Endurance, or Long Distance Riding, consists of a course where the purpose is to complete the course in the shortest time, with a horse in good condition. The horse’s condition is monitored regularly at the ‘vetgates’, to check whether the horse is fit to finish the course.

The winner is the rider who finish in the fastest time, with a horse in good condition. Excessive fatigue, signs of lameness and other indications of problems are grounds for elimination.
Each competitor is given a map in advance showing the route of the course and the location of any compulsory halts or naturally occurring obstacles such as a ditch, steep, climb, descent or water crossing called hazards. Hazards are marked by red and white boundary flags and are left in their natural state as much as possible.

Riders are free to choose their own pace between the start and the finish of the competition. They may lead or follow their horses, but must be mounted crossing the starting line and the finish line.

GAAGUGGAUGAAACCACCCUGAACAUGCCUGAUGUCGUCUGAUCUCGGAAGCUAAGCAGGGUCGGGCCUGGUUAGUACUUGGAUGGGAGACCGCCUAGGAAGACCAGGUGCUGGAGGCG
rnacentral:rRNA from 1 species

International Endurance

International Shows are overseen by the Federation Equestre Internationale (FEI). There are three types of international competition, as well as Championship competitons – Concours de Raid d’Endurance International (CEI), Concours de Raid d’Endurance International Officiel (CEIO) and Combined National/FEI events (CEN/CEI).

CEIs only have individual classification. CEIOs have individual and team classification and CEN / CEIs are run in conjunction with national competitions. There are three Championship levels, 1*, 2* and 3*. 1* is between 100km and 119km in one day, in 2* for Young Horse Championships and Junior and Young Rider Championships horses cover between 120km and 130km in one day. In Senior 2* Championships horses cover between 120km and 139km. In 3* Senior Championships horses 160km in one day. 2* and 3* competitions can be run over multiple days.